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Understanding Schrems II: What the Decision Means for Data Transfers Between the EU and US

Published onSep 15, 2020
Understanding Schrems II: What the Decision Means for Data Transfers Between the EU and US

On July 16, Europe’s highest court, the Court of Justice of the European Union (“CJEU”), released a landmark decision in Schrems II, complicating the process of transferring personal data from the EU to the US. CJEU struck down the EU-US Privacy Shield, an agreement reached between the EU, Switzerland, and the US in 2016.

Purpose of the Privacy Shield

Because the EU has a higher standard for data privacy than the US, the EU-US Privacy Shield was “designed . . . to provide companies on both sides of the Atlantic with a mechanism to comply with data protection requirements when transferring personal data from the European Union and Switzerland to the United States.” Under the Privacy Shield, US companies could legally transfer EU user’s data as long as they complied with twenty-three requirements. Before the Schrems II decision, more than 5,000 US companies, including tech giants like Google, Facebook, and Twitter, relied on the Privacy Shield to transfer EU user’s data to their servers located in the US.


Why the Privacy Shield was Struck Down 

The CJEU stated that US surveillance laws “are not circumscribed in a way that satisfies requirements that are essentially equivalent to those required under EU law.” More specifically, the Court said, “US national security, public interest and law enforcement have primacy, thus condoning interference with the fundamental rights of persons whose data are transferred,” and “the surveillance programmes based on those provisions are not limited to what is strictly necessary.” Therefore, neither the Privacy Shield nor the companies were the Court’s main concern. Rather, the CJEU’s main concern was that US surveillance laws, such as the Foreign Intelligence Surveillance Act (“FISA”), could violate EU users’ fundamental rights of privacy.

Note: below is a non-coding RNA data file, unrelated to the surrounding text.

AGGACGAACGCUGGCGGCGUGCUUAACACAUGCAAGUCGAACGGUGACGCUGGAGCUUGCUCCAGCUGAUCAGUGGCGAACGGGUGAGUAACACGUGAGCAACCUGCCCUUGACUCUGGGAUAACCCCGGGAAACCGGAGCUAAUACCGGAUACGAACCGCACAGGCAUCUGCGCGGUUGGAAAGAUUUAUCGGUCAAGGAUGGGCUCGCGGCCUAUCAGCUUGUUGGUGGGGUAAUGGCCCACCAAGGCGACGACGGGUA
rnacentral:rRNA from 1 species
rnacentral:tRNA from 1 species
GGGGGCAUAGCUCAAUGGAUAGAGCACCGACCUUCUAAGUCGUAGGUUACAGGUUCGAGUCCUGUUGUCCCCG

Following the decision, Wilbur Ross, the US Secretary of Commerce, said that the Department of Commerce is “deeply disappointed” and hopes to limit the negative consequences to the “$7.1 trillion transatlantic economic relationship.” Although the Department of Commerce will continue to monitor the Privacy Shield for now, companies that are relying on the Privacy Shield must begin finding other ways to transfer EU users’ data.


Available Alternatives & Next Steps

The decision did not forbid all means for US companies to transfer EU users’ data. The CJEU held that companies can still rely on Standard Contractual Clauses (“SCCs”) to transfer users’ data because they allow “companies to seek specific consent from users for data to be exported.” However, the Court added that companies using SCCs “need to ensure that any country they transfer data to offers ‘essentially equivalent’ protection to the EU.” This puts a great burden and confusion on companies, especially small businesses. To remedy any confusion, courts will need to provide guidance on how to use SCCs – preferably, sooner rather than later.

While US companies can switch or continue to use SCCs for data transfer, SCCs are a burden for both companies and regulators because SCCs are implemented on a case-by-case basis. The burden imposed by SCCs makes this an unviable solution. Instead, the EU and the US will need to work together to craft a new agreement. The success of this new agreement, however, may be dependent on whether the US makes any change to its surveillance laws. Without such a change, it is very likely that any new agreement will eventually meet the same fate as the Privacy Shield.


Haodi Dong is a second-year law student at Wake Forest University School of Law. He holds a Bachelor of Science in Applied Mathematics and a Minor in Philosophy from the University of California, Davis. After graduation, he intends to practice corporate and intellectual property law.

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